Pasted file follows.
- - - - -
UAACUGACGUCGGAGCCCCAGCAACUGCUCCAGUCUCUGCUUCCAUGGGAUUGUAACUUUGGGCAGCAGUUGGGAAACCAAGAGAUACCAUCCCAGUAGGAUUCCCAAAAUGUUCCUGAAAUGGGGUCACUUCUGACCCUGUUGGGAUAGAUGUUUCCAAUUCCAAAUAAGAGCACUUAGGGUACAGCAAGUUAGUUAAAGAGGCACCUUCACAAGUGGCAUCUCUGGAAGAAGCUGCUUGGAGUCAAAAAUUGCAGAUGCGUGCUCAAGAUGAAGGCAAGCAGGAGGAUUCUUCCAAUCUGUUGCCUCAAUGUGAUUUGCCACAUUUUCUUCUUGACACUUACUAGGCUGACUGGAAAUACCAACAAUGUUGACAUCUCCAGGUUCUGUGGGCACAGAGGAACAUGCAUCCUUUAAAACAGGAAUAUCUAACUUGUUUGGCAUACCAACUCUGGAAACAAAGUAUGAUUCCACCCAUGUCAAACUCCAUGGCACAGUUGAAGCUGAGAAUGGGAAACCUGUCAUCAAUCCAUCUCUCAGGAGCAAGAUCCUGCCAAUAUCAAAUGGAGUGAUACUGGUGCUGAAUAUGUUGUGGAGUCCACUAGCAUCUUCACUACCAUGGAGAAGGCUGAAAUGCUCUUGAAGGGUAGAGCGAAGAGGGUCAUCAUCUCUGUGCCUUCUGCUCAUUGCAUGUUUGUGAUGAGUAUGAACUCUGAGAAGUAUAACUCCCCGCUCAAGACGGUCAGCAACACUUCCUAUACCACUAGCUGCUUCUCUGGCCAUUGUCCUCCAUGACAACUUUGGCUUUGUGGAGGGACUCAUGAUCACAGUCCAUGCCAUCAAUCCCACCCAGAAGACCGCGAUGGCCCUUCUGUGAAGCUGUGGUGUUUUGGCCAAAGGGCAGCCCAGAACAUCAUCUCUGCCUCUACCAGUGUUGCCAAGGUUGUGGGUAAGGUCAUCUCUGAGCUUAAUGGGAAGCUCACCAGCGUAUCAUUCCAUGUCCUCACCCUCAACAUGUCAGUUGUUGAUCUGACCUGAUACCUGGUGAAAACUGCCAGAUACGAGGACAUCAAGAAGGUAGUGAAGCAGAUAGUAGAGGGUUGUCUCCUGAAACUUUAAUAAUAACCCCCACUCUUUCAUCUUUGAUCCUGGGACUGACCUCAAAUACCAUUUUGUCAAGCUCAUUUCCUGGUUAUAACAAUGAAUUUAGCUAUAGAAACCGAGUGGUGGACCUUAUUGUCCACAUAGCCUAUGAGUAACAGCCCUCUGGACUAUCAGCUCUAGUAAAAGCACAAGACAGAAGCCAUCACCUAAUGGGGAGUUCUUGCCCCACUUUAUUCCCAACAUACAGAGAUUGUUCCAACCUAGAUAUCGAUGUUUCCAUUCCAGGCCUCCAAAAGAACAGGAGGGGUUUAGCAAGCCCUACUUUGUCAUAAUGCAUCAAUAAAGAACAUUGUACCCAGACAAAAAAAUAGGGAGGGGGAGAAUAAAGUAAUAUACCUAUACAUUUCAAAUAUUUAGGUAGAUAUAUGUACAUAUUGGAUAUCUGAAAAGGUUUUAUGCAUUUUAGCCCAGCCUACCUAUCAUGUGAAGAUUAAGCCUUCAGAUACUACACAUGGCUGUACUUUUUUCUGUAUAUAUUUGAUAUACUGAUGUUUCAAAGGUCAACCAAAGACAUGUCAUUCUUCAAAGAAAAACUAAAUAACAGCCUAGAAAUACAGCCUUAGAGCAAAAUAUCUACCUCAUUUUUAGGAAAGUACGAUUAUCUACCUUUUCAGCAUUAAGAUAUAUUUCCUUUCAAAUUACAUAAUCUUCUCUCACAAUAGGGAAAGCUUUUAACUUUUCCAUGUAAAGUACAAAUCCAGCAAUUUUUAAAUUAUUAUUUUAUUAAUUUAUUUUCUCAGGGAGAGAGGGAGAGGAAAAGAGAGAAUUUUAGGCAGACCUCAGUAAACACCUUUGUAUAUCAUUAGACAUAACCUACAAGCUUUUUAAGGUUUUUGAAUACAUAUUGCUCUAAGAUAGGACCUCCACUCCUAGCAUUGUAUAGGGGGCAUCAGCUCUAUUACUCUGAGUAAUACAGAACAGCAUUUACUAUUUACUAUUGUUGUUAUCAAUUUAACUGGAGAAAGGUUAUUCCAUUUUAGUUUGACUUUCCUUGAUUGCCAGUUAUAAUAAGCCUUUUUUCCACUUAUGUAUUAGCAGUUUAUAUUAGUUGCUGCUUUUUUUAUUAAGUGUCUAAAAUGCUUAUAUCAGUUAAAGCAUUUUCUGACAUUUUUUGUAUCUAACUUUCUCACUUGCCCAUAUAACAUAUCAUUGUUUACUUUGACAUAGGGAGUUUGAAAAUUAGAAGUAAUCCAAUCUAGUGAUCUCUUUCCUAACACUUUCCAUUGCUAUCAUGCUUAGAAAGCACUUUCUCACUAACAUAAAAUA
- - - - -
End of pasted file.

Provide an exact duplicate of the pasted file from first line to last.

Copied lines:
UAACUGACGUCGGAGCCCCAGCAACUGCUCCAGUCUCUGCUUCCAUGGGAUUGUAACUUUGGGCAGCAGUUGGGAAACCAAGAGAUACCAUCCCAGUAGGAUUCCCAAAAUGUUCCUGAAAUGGGGUCACUUCUGACCCUGUUGGGAUAGAUGUUUCCAAUUCCAAAUAAGAGCACUUAGGGUACAGCAAGUUAGUUAAAGAGGCACCUUCACAAGUGGCAUCUCUGGAAGAAGCUGCUUGGAGUCAAAAAUUGCAGAUGCGUGCUCAAGAUGAAGGCAAGCAGGAGGAUUCUUCCAAUCUGUUGCCUCAAUGUGAUUUGCCACAUUUUCUUCUUGACACUUACUAGGCUGACUGGAAAUACCAACAAUGUUGACAUCUCCAGGUUCUGUGGGCACAGAGGAACAUGCAUCCUUUAAAACAGGAAUAUCUAACUUGUUUGGCAUACCAACUCUGGAAACAAAGUAUGAUUCCACCCAUGUCAAACUCCAUGGCACAGUUGAAGCUGAGAAUGGGAAACCUGUCAUCAAUCCAUCUCUCAGGAGCAAGAUCCUGCCAAUAUCAAAUGGAGUGAUACUGGUGCUGAAUAUGUUGUGGAGUCCACUAGCAUCUUCACUACCAUGGAGAAGGCUGAAAUGCUCUUGAAGGGUAGAGCGAAGAGGGUCAUCAUCUCUGUGCCUUCUGCUCAUUGCAUGUUUGUGAUGAGUAUGAACUCUGAGAAGUAUAACUCCCCGCUCAAGACGGUCAGCAACACUUCCUAUACCACUAGCUGCUUCUCUGGCCAUUGUCCUCCAUGACAACUUUGGCUUUGUGGAGGGACUCAUGAUCACAGUCCAUGCCAUCAAUCCCACCCAGAAGACCGCGAUGGCCCUUCUGUGAAGCUGUGGUGUUUUGGCCAAAGGGCAGCCCAGAACAUCAUCUCUGCCUCUACCAGUGUUGCCAAGGUUGUGGGUAAGGUCAUCUCUGAGCUUAAUGGGAAGCUCACCAGCGUAUCAUUCCAUGUCCUCACCCUCAACAUGUCAGUUGUUGAUCUGACCUGAUACCUGGUGAAAACUGCCAGAUACGAGGACAUCAAGAAGGUAGUGAAGCAGAUAGUAGAGGGUUGUCUCCUGAAACUUUAAUAAUAACCCCCACUCUUUCAUCUUUGAUCCUGGGACUGACCUCAAAUACCAUUUUGUCAAGCUCAUUUCCUGGUUAUAACAAUGAAUUUAGCUAUAGAAACCGAGUGGUGGACCUUAUUGUCCACAUAGCCUAUGAGUAACAGCCCUCUGGACUAUCAGCUCUAGUAAAAGCACAAGACAGAAGCCAUCACCUAAUGGGGAGUUCUUGCCCCACUUUAUUCCCAACAUACAGAGAUUGUUCCAACCUAGAUAUCGAUGUUUCCAUUCCAGGCCUCCAAAAGAACAGGAGGGGUUUAGCAAGCCCUACUUUGUCAUAAUGCAUCAAUAAAGAACAUUGUACCCAGACAAAAAAAUAGGGAGGGGGAGAAUAAAGUAAUAUACCUAUACAUUUCAAAUAUUUAGGUAGAUAUAUGUACAUAUUGGAUAUCUGAAAAGGUUUUAUGCAUUUUAGCCCAGCCUACCUAUCAUGUGAAGAUUAAGCCUUCAGAUACUACACAUGGCUGUACUUUUUUCUGUAUAUAUUUGAUAUACUGAUGUUUCAAAGGUCAACCAAAGACAUGUCAUUCUUCAAAGAAAAACUAAAUAACAGCCUAGAAAUACAGCCUUAGAGCAAAAUAUCUACCUCAUUUUUAGGAAAGUACGAUUAUCUACCUUUUCAGCAUUAAGAUAUAUUUCCUUUCAAAUUACAUAAUCUUCUCUCACAAUAGGGAAAGCUUUUAACUUUUCCAUGUAAAGUACAAAUCCAGCAAUUUUUAAAUUAUUAUUUUAUUAAUUUAUUUUCUCAGGGAGAGAGGGAGAGGAAAAGAGAGAAUUUUAGGCAGACCUCAGUAAACACCUUUGUAUAUCAUUAGACAUAACCUACAAGCUUUUUAAGGUUUUUGAAUACAUAUUGCUCUAAGAUAGGACCUCCACUCCUAGCAUUGUAUAGGGGGCAUCAGCUCUAUUACUCUGAGUAAUACAGAACAGCAUUUACUAUUUACUAUUGUUGUUAUCAAUUUAACUGGAGAAAGGUUAUUCCAUUUUAGUUUGACUUUCCUUGAUUGCCAGUUAUAAUAAGCCUUUUUUCCACUUAUGUAUUAGCAGUUUAUAUUAGUUGCUGCUUUUUUUAUUAAGUGUCUAAAAUGCUUAUAUCAGUUAAAGCAUUUUCUGACAUUUUUUGUAUCUAACUUUCUCACUUGCCCAUAUAACAUAUCAUUGUUUACUUUGACAUAGGGAGUUUGAAAAUUAGAAGUAAUCCAAUCUAGUGAUCUCUUUCCUAACACUUUCCAUUGCUAUCAUGCUUAGAAAGCACUUUCUCACUAACAUAAAAUA